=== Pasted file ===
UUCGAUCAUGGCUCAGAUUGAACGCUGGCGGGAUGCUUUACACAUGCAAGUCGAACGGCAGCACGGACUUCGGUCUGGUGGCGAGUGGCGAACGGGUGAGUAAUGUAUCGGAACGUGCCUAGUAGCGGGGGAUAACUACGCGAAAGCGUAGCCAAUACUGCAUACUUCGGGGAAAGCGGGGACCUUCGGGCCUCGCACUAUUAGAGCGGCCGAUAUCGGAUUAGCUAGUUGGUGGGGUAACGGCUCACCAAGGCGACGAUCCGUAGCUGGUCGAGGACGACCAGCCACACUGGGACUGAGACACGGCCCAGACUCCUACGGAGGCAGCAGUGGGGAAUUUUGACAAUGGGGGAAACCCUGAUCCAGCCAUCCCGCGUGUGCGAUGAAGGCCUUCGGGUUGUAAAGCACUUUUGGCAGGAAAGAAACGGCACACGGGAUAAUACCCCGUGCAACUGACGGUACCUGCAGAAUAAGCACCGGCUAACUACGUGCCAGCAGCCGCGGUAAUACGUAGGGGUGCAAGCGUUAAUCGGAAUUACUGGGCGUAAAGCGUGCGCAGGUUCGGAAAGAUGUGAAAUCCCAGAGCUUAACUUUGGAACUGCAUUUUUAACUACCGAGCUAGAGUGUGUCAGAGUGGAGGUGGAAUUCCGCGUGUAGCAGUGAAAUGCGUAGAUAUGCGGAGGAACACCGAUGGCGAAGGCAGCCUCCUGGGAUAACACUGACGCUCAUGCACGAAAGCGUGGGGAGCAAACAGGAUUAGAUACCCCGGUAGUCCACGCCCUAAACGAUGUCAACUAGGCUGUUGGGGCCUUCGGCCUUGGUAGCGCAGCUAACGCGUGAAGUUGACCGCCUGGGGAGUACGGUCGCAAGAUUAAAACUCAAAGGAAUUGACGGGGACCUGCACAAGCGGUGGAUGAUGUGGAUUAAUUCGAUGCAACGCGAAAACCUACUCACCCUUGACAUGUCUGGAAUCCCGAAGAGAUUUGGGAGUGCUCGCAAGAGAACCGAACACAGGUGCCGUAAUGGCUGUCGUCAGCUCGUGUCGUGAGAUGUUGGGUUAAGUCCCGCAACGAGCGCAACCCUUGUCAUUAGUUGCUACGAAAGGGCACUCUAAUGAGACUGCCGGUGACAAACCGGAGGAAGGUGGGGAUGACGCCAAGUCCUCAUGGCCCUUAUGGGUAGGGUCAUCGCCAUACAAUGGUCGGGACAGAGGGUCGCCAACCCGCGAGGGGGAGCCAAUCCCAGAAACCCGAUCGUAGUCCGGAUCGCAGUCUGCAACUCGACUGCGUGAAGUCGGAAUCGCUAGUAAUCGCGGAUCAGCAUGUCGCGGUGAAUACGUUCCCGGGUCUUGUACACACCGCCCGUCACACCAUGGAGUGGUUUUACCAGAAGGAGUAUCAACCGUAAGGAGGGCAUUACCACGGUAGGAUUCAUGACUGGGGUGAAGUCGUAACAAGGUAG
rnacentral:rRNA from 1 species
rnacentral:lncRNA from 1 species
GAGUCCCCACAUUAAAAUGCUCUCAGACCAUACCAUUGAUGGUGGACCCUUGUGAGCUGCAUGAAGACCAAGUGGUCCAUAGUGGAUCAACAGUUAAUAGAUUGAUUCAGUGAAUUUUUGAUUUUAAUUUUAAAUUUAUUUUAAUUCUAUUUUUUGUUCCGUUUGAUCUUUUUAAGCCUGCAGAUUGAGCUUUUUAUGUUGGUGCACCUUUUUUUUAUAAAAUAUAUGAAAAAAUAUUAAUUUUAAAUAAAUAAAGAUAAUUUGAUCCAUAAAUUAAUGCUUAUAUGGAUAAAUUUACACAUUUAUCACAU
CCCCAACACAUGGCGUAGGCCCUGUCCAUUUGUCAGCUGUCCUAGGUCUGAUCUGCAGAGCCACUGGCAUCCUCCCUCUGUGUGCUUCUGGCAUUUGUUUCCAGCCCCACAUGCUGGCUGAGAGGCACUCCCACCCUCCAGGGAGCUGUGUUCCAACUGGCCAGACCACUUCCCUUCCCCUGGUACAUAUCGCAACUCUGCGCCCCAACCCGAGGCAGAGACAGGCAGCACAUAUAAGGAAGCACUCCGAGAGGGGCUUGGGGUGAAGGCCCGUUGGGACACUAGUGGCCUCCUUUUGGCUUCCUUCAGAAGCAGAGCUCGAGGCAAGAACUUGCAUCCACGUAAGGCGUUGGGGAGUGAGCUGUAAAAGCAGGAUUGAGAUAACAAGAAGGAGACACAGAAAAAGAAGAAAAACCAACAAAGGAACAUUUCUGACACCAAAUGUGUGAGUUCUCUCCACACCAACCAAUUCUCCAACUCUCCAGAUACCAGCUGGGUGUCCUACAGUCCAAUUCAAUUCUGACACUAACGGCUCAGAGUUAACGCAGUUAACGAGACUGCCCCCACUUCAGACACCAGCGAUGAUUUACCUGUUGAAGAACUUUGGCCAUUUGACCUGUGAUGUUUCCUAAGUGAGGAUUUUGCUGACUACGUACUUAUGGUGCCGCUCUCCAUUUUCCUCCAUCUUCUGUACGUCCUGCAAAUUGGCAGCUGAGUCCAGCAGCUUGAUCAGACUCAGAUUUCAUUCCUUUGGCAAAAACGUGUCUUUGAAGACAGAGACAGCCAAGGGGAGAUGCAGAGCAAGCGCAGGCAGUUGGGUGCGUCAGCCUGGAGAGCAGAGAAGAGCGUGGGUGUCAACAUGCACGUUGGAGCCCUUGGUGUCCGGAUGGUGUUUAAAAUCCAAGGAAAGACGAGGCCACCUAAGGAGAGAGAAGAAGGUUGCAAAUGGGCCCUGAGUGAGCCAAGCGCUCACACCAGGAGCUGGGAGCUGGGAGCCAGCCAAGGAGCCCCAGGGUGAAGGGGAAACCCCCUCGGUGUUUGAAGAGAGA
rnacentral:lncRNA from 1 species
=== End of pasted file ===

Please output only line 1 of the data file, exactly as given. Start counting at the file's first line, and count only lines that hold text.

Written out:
UUCGAUCAUGGCUCAGAUUGAACGCUGGCGGGAUGCUUUACACAUGCAAGUCGAACGGCAGCACGGACUUCGGUCUGGUGGCGAGUGGCGAACGGGUGAGUAAUGUAUCGGAACGUGCCUAGUAGCGGGGGAUAACUACGCGAAAGCGUAGCCAAUACUGCAUACUUCGGGGAAAGCGGGGACCUUCGGGCCUCGCACUAUUAGAGCGGCCGAUAUCGGAUUAGCUAGUUGGUGGGGUAACGGCUCACCAAGGCGACGAUCCGUAGCUGGUCGAGGACGACCAGCCACACUGGGACUGAGACACGGCCCAGACUCCUACGGAGGCAGCAGUGGGGAAUUUUGACAAUGGGGGAAACCCUGAUCCAGCCAUCCCGCGUGUGCGAUGAAGGCCUUCGGGUUGUAAAGCACUUUUGGCAGGAAAGAAACGGCACACGGGAUAAUACCCCGUGCAACUGACGGUACCUGCAGAAUAAGCACCGGCUAACUACGUGCCAGCAGCCGCGGUAAUACGUAGGGGUGCAAGCGUUAAUCGGAAUUACUGGGCGUAAAGCGUGCGCAGGUUCGGAAAGAUGUGAAAUCCCAGAGCUUAACUUUGGAACUGCAUUUUUAACUACCGAGCUAGAGUGUGUCAGAGUGGAGGUGGAAUUCCGCGUGUAGCAGUGAAAUGCGUAGAUAUGCGGAGGAACACCGAUGGCGAAGGCAGCCUCCUGGGAUAACACUGACGCUCAUGCACGAAAGCGUGGGGAGCAAACAGGAUUAGAUACCCCGGUAGUCCACGCCCUAAACGAUGUCAACUAGGCUGUUGGGGCCUUCGGCCUUGGUAGCGCAGCUAACGCGUGAAGUUGACCGCCUGGGGAGUACGGUCGCAAGAUUAAAACUCAAAGGAAUUGACGGGGACCUGCACAAGCGGUGGAUGAUGUGGAUUAAUUCGAUGCAACGCGAAAACCUACUCACCCUUGACAUGUCUGGAAUCCCGAAGAGAUUUGGGAGUGCUCGCAAGAGAACCGAACACAGGUGCCGUAAUGGCUGUCGUCAGCUCGUGUCGUGAGAUGUUGGGUUAAGUCCCGCAACGAGCGCAACCCUUGUCAUUAGUUGCUACGAAAGGGCACUCUAAUGAGACUGCCGGUGACAAACCGGAGGAAGGUGGGGAUGACGCCAAGUCCUCAUGGCCCUUAUGGGUAGGGUCAUCGCCAUACAAUGGUCGGGACAGAGGGUCGCCAACCCGCGAGGGGGAGCCAAUCCCAGAAACCCGAUCGUAGUCCGGAUCGCAGUCUGCAACUCGACUGCGUGAAGUCGGAAUCGCUAGUAAUCGCGGAUCAGCAUGUCGCGGUGAAUACGUUCCCGGGUCUUGUACACACCGCCCGUCACACCAUGGAGUGGUUUUACCAGAAGGAGUAUCAACCGUAAGGAGGGCAUUACCACGGUAGGAUUCAUGACUGGGGUGAAGUCGUAACAAGGUAG